Game design works differently: here the designer builds the core mechanics the player can interact with, and then the player determines how the game will play out.

    In other words, each attempt to combine story and gameplay inevitably ends up in constant tension: On the one hand the story pushes you in a more railroaded design, which doesn't let enough space for the gameplay to breath. On the other hand, giving more agency to the player makes it harder and harder to write a story, since the possibilities become endless. In the end, you have to pick your focus: Do I want to give precentage on the story or the gameplay? It is no accident that no game has ever managed to offer us a seemless fusion of both - the discrepancy can be reduced but not eliminated (or so it seems). There is a reason the overwhelmingly majority of games that want to have both story and gameplay tend to separate the two, putting the story outside the gameplay through cutscenes and the like.
     
    Last edited: May 5, 2019
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  14. adrix89 Learned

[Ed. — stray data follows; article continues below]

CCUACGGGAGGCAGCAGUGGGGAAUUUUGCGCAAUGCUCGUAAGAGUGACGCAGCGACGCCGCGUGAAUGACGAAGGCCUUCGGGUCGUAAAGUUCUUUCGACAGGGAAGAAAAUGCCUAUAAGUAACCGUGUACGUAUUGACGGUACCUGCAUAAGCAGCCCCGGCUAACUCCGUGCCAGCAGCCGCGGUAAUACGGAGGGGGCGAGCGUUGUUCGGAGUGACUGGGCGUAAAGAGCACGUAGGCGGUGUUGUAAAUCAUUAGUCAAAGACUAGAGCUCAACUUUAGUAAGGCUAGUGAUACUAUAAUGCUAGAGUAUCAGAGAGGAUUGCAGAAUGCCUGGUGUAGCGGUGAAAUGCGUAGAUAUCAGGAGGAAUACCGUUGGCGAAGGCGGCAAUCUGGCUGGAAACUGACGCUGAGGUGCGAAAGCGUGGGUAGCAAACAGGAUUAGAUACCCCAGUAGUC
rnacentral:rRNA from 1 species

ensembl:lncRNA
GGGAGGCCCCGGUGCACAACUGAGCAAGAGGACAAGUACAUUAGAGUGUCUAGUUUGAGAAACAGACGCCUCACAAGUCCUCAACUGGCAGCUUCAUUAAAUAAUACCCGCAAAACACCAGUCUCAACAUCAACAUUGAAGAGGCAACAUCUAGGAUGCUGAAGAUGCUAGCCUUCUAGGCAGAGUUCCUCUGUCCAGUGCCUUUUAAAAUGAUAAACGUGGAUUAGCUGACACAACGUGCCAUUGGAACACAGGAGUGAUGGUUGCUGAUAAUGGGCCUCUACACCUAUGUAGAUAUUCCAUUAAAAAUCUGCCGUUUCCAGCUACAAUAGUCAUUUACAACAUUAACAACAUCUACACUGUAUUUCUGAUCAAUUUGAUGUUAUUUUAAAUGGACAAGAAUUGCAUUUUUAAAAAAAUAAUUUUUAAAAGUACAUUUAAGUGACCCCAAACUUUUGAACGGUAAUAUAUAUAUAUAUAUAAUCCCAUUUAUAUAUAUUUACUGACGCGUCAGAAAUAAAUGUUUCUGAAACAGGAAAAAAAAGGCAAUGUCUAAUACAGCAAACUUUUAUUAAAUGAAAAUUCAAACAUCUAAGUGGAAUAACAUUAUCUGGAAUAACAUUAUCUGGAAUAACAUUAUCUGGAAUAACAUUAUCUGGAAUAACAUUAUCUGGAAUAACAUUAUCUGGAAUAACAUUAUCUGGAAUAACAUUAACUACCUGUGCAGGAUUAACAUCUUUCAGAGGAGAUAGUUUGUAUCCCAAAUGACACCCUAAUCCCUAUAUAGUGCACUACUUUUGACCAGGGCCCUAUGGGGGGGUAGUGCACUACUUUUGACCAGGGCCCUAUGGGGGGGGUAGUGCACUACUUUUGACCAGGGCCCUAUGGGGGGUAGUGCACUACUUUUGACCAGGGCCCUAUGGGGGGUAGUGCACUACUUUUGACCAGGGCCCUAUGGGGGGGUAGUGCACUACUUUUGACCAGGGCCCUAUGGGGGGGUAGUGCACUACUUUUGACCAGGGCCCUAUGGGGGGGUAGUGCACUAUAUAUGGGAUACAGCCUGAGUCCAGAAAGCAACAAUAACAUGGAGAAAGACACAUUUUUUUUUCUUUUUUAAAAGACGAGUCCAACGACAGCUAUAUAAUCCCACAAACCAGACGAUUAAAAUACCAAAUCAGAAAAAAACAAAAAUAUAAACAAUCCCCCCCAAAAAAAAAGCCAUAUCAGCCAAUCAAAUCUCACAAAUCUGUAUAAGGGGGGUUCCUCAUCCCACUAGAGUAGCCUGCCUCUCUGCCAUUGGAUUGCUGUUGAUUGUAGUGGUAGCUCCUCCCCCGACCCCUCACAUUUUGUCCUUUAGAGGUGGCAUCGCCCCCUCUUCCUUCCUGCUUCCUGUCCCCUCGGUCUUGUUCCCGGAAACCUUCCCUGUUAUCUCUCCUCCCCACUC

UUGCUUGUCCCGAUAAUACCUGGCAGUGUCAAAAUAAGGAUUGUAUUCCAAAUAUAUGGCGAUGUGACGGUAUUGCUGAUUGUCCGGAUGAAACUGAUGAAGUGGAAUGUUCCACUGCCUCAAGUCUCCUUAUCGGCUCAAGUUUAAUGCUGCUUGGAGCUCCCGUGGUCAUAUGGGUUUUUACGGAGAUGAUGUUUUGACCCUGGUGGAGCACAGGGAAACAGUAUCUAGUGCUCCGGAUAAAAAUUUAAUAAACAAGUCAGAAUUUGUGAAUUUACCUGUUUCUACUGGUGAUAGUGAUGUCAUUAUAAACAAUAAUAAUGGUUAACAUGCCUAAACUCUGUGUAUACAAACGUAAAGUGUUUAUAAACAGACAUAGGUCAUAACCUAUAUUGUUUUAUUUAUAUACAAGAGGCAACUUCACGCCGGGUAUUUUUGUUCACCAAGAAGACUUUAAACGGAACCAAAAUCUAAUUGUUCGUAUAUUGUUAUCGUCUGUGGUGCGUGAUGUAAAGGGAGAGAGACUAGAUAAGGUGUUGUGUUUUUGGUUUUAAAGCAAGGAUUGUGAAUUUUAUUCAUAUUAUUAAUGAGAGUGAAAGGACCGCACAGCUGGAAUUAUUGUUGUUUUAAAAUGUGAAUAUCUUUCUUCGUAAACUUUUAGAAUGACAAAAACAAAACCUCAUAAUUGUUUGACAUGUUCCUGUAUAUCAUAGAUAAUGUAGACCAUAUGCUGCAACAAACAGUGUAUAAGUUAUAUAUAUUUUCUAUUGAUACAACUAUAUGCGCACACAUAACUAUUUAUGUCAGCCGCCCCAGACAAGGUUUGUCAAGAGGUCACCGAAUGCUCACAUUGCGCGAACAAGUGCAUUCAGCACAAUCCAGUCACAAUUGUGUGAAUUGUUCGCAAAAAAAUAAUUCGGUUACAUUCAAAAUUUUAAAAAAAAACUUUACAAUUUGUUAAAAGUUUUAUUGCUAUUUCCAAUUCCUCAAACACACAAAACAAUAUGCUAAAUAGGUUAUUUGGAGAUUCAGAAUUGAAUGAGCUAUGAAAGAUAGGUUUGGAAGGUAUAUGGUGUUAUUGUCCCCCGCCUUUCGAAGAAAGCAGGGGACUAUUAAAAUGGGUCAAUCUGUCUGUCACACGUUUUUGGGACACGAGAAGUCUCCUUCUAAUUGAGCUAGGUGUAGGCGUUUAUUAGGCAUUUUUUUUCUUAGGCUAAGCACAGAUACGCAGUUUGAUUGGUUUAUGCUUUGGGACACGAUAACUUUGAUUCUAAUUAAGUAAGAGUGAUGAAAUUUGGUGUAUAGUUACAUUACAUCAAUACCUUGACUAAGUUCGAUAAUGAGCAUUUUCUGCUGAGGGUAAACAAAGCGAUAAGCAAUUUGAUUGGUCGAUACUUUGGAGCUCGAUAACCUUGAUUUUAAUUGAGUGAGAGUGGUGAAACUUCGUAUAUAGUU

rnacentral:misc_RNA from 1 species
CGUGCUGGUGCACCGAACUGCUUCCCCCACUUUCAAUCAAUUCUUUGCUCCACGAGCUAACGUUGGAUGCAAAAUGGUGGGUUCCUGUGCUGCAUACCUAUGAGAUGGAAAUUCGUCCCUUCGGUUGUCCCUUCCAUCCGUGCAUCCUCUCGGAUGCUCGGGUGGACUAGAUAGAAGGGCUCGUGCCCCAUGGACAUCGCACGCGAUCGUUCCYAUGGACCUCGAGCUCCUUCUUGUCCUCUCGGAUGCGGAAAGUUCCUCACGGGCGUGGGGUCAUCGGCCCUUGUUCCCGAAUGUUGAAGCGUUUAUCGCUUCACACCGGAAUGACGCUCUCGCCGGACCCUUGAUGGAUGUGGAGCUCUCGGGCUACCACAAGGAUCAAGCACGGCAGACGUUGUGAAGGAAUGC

adrix89
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    Why are there so many of my country here?
    The fundamental problem is scripting, all RPGs are based on scripted events and we haven't even tried to do something else, we cannot even begin to comprehend what that something is. And PnP RPGs are NOT the answer.
    This means you have limited content no matter what you do.

    Now you can add some randomness and modularity to events and that solves the character building issue. The Blade Runner Game works like this.
    Thea 1 is also a good example of making character skill checks, events, gameplay and story work.

    For procedural emergent storytelling you would need a simulated sandbox like Kenshi and Rimworld. But how to make simulation dramatic we still have no idea.
    The Sims is pretty much mundane and boring, you would really need a hyperactive imagination to care about that shit going on.
    Dwarf Fortress, The Sims, Rimworld are all boring.

    We would need systems and concepts to make it more dramatic, maybe take inspiration through systematizing theater and film concepts.
    Simulate body language posture, faces, grunts(simple verbal cues), emotes and actions.
    Define what "plot" and "topics" from films are and understand how to map them to something freeform like a sandbox world.